Undeniably, Cambridge Audio dishes up a more than decent range of true affordable products – an important consideration when the purse strings of many consumers are tightening.
Lately, however, offerings from its budget portfolio have tended to be full-width and largely traditional in specifications and features. So, with an eye to modernising both the look and functionality of its budget offerings, Cambridge has recently drawn back the curtains on the Sonata series.
The range comprises the DR30 receiver (£350) and CD30 CD player (£200) reviewed here, plus the DV30 DVD player (£200) and the DD30 iPod dock – thrown in when you buy the receiver plus either the DV30 or CD30.
This price range suggests that Cambridge Audio isn't trying to offer the cheapest small-scale sound solution to potential buyers. Indeed, the product literature suggests that sound quality has been given serious consideration.
One might wonder just how clever it's possible to be with a £200 budget, but this is the manufacturer behind the DacMagic, after all – possibly the most praised £220 hi-fi product so far this century.
Although the CD30 doesn't include any of the DacMagic's features like custom digital filtering, it is equipped with a pretty high-spec DAC chip, decent analogue circuitry and a proper audio transport. Additionally, the power supply is a small switch-mode affair and both flavours of digital output are available.
The DR30 comes with a regular analogue power supply with a toroidal transformer, providing the backup for a proper discrete-transistor output stage, mounted on an internal heatsink. Cambridge Audio rates the amp at 40 watts, which chimes with our findings.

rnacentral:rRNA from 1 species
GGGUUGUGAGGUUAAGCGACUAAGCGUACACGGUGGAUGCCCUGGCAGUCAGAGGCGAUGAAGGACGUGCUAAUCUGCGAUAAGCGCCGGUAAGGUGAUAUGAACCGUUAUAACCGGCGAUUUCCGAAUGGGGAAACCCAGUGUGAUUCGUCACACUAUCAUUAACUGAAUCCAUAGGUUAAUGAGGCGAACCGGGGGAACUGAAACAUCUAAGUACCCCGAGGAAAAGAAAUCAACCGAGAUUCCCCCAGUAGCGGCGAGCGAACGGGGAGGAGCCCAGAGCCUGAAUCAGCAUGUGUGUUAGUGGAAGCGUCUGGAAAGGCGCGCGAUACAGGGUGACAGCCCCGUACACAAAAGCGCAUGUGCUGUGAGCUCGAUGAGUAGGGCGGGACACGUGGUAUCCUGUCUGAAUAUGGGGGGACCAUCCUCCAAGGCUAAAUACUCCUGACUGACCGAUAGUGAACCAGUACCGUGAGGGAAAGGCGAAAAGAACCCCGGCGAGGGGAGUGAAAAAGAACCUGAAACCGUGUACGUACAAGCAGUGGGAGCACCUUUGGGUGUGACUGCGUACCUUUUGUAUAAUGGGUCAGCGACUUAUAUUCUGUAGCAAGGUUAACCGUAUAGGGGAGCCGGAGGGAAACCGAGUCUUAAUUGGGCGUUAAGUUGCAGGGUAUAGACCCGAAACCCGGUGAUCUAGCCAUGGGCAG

Peak power, however, is considerably higher for brief moments, or on one channel at a time. Radio reception in this instance is courtesy of a small DAB/FM module.
Three line-level inputs are included and there's also a dedicated socket for the DD30 dock, while an additional MP3 player input and a headphone output are on the front panel. A record output and subwoofer in/out sockets make up the additional connectivity.
While it's possible to point to the odd specific area of performance where this system falls short of high-end performance, it is still remarkably capable, given the price. What's most surprising is how it generates a real sense of musical scale, complete with striking dynamics, full frequency range and extended images in all directions.
You just don't expect such assurance from budget kit. It's not so much that the equipment is diminutive, as plenty of high-end firms have packaged kit in small cases, it's more that what's inside is simple and low-cost that causes the surprise.
There are limits, though – not least in absolute loudness. Driving some power-hungry speakers, the DR30 was distinctly stretched trying to reproduce peaks in a dynamic orchestral recording, but short of those peaks it still maintained a high standard of both attack and detail.
The lowest bass never quite solidifies in the way the best midrange amps can manage and high treble can be hard and brittle. That said, midrange is very neutral and full of lively little details.
Separating CD30 and DR30 suggests that the two are evenly matched in abilities. The CD player's bass is a little more confident than the amp's, but presentation is generally similar.
The DAB radio module works well and delivers notably better results on FM than some of its kind. Sound is acceptably clean and free from electronic whistles, although it's no match for a dedicated FM tuner.
The DD30 iPod dock works well and seems to get the best out of solid-state music, though the system is revealing enough to make data-compressed music obvious.
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